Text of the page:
Have you noticed how much of what passes for political leadership today amounts to easy, simple, intuitively popular gestures? The idea is to collect an immediate political benefit while obscuring and discounting the long-term costs.
That's a reasonable summary of the Obama administration's approach to U.S. national security where nuclear deterrence is concerned. With the Cold War now more than two decades behind us, the U.S.-Soviet nuclear stand-off that was its centerpiece seems obviously anachronistic today. Despite the Putin/Medvedev regime's crude nationalism and politically opportunistic anti-U.S. rhetoric, few can imagine plausible scenarios for a U.S.-Russian nuclear confrontation. Similarly, despite the vague, prevalent sense that China's spectacular economic rise will portend geopolitical rivalry, and possible conflict, with the United States, few imagine convincing circumstances for a nuclear confrontation, save some future, stunningly miscalculated brinksmanship over Taiwan.
Of the other nuclear powers, Britain, France, and Israel are our allies, and India's and Pakistan's arsenals are geared to their mutual nuclear stand-off. As to today's upstart nuclear proliferators—North Korea and Iran—it is widely assumed that the U.S. nuclear deterrent would so overmatch whatever nascent nuclear capabilities they might develop that U.S. forces would be unquestionably adequate to deter any threats against us or our allies. And then there are the anxious-making scenarios of terrorists acquiring one or a few nuclear weapons, presumably from a destabilized Pakistan or a malignant Iran, for use against the United States. But few can suggest plausible ways that the sizeable U.S. nuclear arsenal would come directly into play deterring this menace.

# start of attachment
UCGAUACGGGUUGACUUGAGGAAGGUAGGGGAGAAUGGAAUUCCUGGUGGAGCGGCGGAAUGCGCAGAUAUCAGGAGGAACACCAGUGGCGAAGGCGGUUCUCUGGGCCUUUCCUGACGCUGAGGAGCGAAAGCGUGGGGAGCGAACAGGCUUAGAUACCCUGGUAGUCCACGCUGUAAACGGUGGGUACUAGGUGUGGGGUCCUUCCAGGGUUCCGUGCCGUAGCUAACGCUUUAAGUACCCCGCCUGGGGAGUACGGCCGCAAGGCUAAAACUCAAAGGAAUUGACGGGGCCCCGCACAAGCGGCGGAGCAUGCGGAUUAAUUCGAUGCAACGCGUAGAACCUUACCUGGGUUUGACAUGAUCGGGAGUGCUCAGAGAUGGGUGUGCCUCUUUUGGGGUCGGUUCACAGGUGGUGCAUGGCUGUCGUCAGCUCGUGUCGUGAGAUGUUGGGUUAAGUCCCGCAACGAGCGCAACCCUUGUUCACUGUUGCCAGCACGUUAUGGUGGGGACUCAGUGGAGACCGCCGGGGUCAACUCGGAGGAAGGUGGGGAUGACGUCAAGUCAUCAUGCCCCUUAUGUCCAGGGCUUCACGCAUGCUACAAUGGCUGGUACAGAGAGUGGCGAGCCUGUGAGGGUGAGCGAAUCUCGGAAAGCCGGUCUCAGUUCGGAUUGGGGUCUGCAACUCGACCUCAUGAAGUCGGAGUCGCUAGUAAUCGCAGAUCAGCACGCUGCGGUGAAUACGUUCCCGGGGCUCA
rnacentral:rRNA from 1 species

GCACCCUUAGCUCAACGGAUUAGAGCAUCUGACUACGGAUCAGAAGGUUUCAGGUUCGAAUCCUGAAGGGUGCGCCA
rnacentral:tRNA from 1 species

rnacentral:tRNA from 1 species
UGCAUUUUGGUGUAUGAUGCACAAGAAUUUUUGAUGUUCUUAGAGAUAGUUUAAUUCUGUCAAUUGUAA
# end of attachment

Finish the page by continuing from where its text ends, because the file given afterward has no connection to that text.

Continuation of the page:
All of which has set up an environment in which it's been safe for President Obama to embrace the ultimate goal of eliminating nuclear weapons from the world, as he did in Prague in 2009. And it incentivizes him to push for further radical nuclear reductions with Russia, beyond the New START limits of 1,550 operational nuclear weapons and 800 strategic launchers agreed just two years ago this month. Reports last month indicated that Obama's team were considering reducing U.S. operational nuclear weapons to as few as 300-400 warheads—placing the nuclear arsenal of the world's supposed "sole remaining super-power" on par with those of Britain, France, or … ahem … Pakistan! Or, for that matter, of China—although recent reports of a 3,000-mile network of Chinese tunnels concealing its nuclear weapons activities suggest that we might know less than we imagine about China's actual nuclear capabilities.
In pursuing these cuts, Obama is pushing on an open door. To a public unconcerned about issues of nuclear deterrence, Obama looks virtuous—a man of peace. For his own party, particularly its antinuclear left-wing, he's able to deliver, seemingly costlessly, on their most fervent hopes for nuclear disarmament—especially U.S. nuclear disarmament. Having failed to satisfy many of their other fervent hopes—"card check" for unions, tax hikes on the rich, closing Guantánamo, etc.—giving up "more nuclear weapons than we need" via arms agreements with Russia is an obvious "cheap thrill" for his base. And Republican opposition will be limited. With the imminent retirement of Sen. Jon Kyl, few in Congress enjoy deep expertise on nuclear deterrence and arms control issues. And, in any case, arguing for more—not fewer—U.S. nuclear weapons in an election year environment is an obvious political loser.
So, what's the problem? Just this. Obama's nuclear weapons policies are based on nothing more than a collection of untested assumptions. What if they're wrong?
Politically attractive as his nuclear reductions agenda seems, even President Obama, posturing as the "man of peace" meriting his Nobel Peace Prize, must be able to see the irony here. With less than 2 percent of the defense budget at stake in the nuclear forces, drastic, ideologically driven cuts now that heighten the risks of future nuclear conflict, and the uncertainty of the outcome, could end up being one of history's most expensive "cheap thrills."